As noted in my earlier blog here, ImprOvientation is an original long-form designed to welcome first year and transfer students to campus each year at Rollins College. Exploring transitional issues, expectations and stresses inherent in a university setting, the piece seeks a playful but earnest tone and is book-ended with personal narratives and stories reflecting the company’s own experiences that might resonate with those present within the audience. The emblematic phrase of the piece is, “That reminds me of the time,” and this motif reoccurs at regular intervals, particularly in the opening sequence.
Much of the rehearsal process of ImprOvientation involves reconnecting players with their own stories and experiences that thematically echo the intent of this orientation production. If you’re familiar with Kim Howard Johnson’s Truth in Comedy you might know the game Hot Spot where players take turns singing loosely connected songs and replacing each other in the central “hot spot.” The current game under consideration takes some inspiration from this basic model, but focuses on sharing personal narratives rather than popular tunes, and so I call it Story Hot Spot.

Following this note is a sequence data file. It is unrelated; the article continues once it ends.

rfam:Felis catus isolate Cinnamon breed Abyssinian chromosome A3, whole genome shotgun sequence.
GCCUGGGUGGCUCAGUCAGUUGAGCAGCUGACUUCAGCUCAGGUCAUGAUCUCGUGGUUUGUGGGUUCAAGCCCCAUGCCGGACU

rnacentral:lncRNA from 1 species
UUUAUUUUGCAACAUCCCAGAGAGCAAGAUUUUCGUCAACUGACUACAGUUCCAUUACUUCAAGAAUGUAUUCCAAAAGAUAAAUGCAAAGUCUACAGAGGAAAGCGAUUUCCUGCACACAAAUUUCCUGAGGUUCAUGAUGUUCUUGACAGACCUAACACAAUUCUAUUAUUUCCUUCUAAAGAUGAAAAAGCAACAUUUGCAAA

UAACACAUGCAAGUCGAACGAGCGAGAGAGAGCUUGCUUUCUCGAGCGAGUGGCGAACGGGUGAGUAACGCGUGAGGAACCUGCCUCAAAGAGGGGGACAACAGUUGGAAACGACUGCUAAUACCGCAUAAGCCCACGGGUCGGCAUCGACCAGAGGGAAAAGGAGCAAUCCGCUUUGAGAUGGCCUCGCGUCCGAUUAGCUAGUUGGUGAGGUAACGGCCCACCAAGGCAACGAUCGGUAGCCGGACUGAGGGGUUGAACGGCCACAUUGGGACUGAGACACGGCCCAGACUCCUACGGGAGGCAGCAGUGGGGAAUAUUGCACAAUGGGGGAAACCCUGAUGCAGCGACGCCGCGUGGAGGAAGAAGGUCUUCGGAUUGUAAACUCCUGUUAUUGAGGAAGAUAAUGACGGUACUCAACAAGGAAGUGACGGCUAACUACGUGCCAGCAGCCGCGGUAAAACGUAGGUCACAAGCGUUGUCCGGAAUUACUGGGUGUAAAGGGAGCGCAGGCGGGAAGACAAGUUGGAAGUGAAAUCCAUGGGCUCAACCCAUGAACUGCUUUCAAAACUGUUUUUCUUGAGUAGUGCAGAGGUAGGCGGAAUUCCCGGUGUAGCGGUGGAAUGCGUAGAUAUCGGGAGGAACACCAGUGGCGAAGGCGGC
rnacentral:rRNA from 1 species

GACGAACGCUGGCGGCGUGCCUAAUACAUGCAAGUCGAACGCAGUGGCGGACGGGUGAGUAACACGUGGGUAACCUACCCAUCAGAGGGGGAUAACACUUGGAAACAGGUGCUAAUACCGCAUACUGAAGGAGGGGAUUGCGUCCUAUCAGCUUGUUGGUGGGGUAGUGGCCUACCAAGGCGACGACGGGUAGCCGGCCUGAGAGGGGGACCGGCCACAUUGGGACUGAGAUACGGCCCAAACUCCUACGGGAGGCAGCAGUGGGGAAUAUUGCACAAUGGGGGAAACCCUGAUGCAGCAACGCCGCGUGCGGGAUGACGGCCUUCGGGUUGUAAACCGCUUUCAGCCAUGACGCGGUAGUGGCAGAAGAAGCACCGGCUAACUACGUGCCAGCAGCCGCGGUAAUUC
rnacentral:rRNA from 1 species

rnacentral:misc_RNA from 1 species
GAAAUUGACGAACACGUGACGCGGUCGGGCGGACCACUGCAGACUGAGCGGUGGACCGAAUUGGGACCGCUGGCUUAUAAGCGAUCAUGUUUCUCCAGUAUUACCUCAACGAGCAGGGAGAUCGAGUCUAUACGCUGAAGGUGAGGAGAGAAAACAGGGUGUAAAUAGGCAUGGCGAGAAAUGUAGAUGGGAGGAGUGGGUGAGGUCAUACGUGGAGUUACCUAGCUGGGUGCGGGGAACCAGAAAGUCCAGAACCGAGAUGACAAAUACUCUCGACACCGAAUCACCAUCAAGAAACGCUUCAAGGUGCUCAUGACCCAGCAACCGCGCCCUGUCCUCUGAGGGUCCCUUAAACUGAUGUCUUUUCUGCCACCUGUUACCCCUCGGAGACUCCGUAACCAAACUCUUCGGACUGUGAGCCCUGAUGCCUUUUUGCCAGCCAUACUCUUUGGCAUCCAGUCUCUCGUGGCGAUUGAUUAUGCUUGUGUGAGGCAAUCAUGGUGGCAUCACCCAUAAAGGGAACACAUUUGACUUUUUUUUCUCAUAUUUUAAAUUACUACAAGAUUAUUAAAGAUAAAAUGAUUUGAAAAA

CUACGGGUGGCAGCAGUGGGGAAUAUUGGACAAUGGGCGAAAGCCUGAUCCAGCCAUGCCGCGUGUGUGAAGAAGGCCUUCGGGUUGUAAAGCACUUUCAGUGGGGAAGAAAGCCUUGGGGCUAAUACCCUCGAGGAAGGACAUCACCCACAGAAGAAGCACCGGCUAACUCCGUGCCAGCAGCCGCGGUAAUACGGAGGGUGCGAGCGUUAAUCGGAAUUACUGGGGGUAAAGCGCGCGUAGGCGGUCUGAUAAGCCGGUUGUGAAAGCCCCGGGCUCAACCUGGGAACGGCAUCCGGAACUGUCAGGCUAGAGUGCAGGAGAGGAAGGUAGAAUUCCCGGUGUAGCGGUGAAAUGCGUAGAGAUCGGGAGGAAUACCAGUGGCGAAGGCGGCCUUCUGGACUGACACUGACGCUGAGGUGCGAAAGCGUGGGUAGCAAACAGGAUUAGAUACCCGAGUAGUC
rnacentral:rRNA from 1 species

Join me for a peek as to how to get the most out of this exercise:
Players form a circle and an initial prompt or theme may be offered — such as independence or discovery — or a player may volunteer to go first if they have a particular story or memory in mind. One player enters the circle and begins with the phrase, “That reminds me of the time…” and starts to narrate their story. Once the story has been clearly established, a new player can gently “tag out” the first player by entering the circle and editing the current speaker with the same opening phrase. The original speaker should wrap up their current sentence and return to the perimeter as the new player takes focus. This process of tagging out speakers continues through several rounds, ideally until at least every player has had at least one opportunity to share.